Data Analysis vs. Data Science: 5 Things to Consider

MAR 09, 2022

In the world of big data, you will often encounter two disciplines: data science and data analytics. They both require different (but overlapping in certain areas) competencies and skill sets.

Nonetheless, both fields of study are highly lucrative and offer good opportunities to those interested in going the extra mile.

If you're looking to make some important career decisions, but you're unsure of which option to choose, read on about the top points of differentiation.

1. Educational Background

The fields of data analytics and data science are enriching and specialized. This means that if you're entering any of the two professions, you need to be well-prepared to tackle the educational challenges that might come your way.

Data Analytics

A basic bachelor's degree is required to start a career as a data analyst. To embark on this career path, you need to opt for an undergraduate program that will give you a working understanding of SQL and query development for RDBMS and data structure schema operations.

You will also need knowledge of statistical programming using R or Python. Additionally, knowledge of machine learning (ML), artificial intelligence (AI), custom algorithm development, data management around information collection and storage are extra advantages.

In short, you need an undergraduate degree in IT, computer science, maths, or statistics to kick-start your career in data analytics.

Data Science

An aspiring data scientist's safest bet is to seek a bachelor's and master's degree in Computer Science, Information Technology, mathematics, or statistics. If you wish to change your career trajectory and adopt a career as a data scientist, you need a minor degree in any one of these streams.

The core knowledge required for data science roles should prepare you for provisioning, collecting, organizing, processing, and modeling business data.

Additionally, you can gain expertise in data visualization, API-based data collection, and preparation. A degree in applied mathematics and statistics will further help you with exploratory data analysis, allowing you to follow and establish patterns, devise test models for bespoke challenges, and much more.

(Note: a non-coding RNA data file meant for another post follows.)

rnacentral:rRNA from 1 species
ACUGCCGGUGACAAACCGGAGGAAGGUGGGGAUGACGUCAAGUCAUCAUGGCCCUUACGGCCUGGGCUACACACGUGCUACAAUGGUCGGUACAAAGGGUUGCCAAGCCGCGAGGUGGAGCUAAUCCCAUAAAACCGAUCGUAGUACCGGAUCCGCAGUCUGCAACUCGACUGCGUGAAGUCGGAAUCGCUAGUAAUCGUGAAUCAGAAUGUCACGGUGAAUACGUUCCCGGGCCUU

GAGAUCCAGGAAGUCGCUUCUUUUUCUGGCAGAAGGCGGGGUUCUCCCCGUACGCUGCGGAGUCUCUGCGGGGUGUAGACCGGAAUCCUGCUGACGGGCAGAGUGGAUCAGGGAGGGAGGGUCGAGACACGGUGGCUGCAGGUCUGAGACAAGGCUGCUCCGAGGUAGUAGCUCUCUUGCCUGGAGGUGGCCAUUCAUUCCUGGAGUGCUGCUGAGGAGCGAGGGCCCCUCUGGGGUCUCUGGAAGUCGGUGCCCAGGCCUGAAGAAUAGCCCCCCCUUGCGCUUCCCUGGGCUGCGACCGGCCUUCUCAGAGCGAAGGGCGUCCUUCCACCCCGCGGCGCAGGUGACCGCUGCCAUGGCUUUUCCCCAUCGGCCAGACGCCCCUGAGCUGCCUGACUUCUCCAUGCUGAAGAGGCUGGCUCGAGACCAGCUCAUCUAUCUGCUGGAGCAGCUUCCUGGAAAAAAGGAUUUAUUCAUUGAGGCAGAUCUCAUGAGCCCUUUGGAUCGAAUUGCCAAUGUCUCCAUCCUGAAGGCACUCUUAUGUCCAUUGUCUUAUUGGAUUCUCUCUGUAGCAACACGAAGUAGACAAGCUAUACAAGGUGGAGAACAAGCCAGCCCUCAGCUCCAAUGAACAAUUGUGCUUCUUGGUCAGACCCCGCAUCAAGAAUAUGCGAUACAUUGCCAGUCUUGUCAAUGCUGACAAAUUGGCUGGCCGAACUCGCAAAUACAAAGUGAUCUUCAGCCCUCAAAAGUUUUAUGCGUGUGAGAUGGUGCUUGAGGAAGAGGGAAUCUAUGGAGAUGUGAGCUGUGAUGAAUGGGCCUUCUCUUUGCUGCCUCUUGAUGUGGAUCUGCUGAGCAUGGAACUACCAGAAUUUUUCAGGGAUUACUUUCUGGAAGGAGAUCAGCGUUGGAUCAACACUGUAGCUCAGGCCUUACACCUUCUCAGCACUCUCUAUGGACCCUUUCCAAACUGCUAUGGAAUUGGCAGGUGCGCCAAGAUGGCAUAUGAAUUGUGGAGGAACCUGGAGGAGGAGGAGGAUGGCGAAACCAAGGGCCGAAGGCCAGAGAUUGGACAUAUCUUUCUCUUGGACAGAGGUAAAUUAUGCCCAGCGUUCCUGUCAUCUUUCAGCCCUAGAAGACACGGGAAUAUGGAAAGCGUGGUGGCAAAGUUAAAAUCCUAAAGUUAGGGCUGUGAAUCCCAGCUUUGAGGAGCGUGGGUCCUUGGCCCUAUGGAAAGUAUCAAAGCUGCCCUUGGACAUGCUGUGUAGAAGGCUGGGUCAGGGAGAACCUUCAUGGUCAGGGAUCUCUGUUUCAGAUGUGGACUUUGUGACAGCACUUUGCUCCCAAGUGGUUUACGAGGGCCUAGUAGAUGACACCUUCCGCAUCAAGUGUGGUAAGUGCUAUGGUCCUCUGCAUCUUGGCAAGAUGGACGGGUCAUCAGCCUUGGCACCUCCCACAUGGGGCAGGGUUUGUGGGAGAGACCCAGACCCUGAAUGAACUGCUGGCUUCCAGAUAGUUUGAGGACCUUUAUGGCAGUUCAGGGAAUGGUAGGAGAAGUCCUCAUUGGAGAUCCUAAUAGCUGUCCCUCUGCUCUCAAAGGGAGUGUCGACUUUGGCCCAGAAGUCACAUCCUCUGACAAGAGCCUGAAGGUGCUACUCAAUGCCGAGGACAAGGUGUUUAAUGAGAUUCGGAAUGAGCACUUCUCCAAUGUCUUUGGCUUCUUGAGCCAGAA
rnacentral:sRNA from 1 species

Lastly, an additional skill set in ML and AI is handy when establishing models for AI-based predictions. Thus, an undergraduate degree in data science, computer science, or computer engineering should set you off on a data scientist's career path.

2. Job Roles and Work Responsibilities

As a data analyst, your job roles and responsibilities will vary as you start your journey in these fields. Depending on your level of expertise, you might notice certain changes which will help you tackle difficult situations in your job role.

Data Analytics

In data analytics, you will primarily be analyzing, visualizing, and mining business-specific data.

On the whole, data analytics roles will need you to handle responsibilities like:

  • Cleaning, processing, validating, and exemplifying the integrity of data
  • Perform exploratory data analysis of large data sets
  • Implement ETL pipelines and conduct data mining
  • Conduct statistical analysis using logistic regression, KNN, Random Forest, and Decision Trees
  • Build and manage machine learning (ML) libraries while writing automation codes
  • Acquire fresh insights with ML tools and algorithms
  • Identify data patterns to make well-informed data-backed predictions

Data Science

Data science includes driving insights and drawing inferences from contextual data within the business.

Some additional responsibilities might include:

  • Collecting and interpreting data
  • Identifying relevant patterns in a dataset
  • Performing SQL-based data queries and sub-queries